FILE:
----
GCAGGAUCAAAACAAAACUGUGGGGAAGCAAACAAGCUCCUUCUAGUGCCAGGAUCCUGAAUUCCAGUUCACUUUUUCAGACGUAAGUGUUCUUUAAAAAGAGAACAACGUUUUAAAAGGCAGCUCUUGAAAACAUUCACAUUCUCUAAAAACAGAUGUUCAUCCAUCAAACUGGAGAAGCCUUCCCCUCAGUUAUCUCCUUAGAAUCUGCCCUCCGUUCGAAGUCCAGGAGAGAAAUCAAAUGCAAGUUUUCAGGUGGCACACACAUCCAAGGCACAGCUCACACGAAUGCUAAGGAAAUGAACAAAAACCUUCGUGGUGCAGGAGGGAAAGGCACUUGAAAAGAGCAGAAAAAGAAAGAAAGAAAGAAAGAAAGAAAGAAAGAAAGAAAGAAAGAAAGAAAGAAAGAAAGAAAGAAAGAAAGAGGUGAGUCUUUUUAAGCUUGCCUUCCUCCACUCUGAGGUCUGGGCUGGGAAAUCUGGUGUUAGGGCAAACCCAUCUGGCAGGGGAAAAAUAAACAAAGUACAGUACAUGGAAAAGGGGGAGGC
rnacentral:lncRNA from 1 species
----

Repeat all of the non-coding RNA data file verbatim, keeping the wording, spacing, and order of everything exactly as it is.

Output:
GCAGGAUCAAAACAAAACUGUGGGGAAGCAAACAAGCUCCUUCUAGUGCCAGGAUCCUGAAUUCCAGUUCACUUUUUCAGACGUAAGUGUUCUUUAAAAAGAGAACAACGUUUUAAAAGGCAGCUCUUGAAAACAUUCACAUUCUCUAAAAACAGAUGUUCAUCCAUCAAACUGGAGAAGCCUUCCCCUCAGUUAUCUCCUUAGAAUCUGCCCUCCGUUCGAAGUCCAGGAGAGAAAUCAAAUGCAAGUUUUCAGGUGGCACACACAUCCAAGGCACAGCUCACACGAAUGCUAAGGAAAUGAACAAAAACCUUCGUGGUGCAGGAGGGAAAGGCACUUGAAAAGAGCAGAAAAAGAAAGAAAGAAAGAAAGAAAGAAAGAAAGAAAGAAAGAAAGAAAGAAAGAAAGAAAGAAAGAAAGAAAGAGGUGAGUCUUUUUAAGCUUGCCUUCCUCCACUCUGAGGUCUGGGCUGGGAAAUCUGGUGUUAGGGCAAACCCAUCUGGCAGGGGAAAAAUAAACAAAGUACAGUACAUGGAAAAGGGGGAGGC
rnacentral:lncRNA from 1 species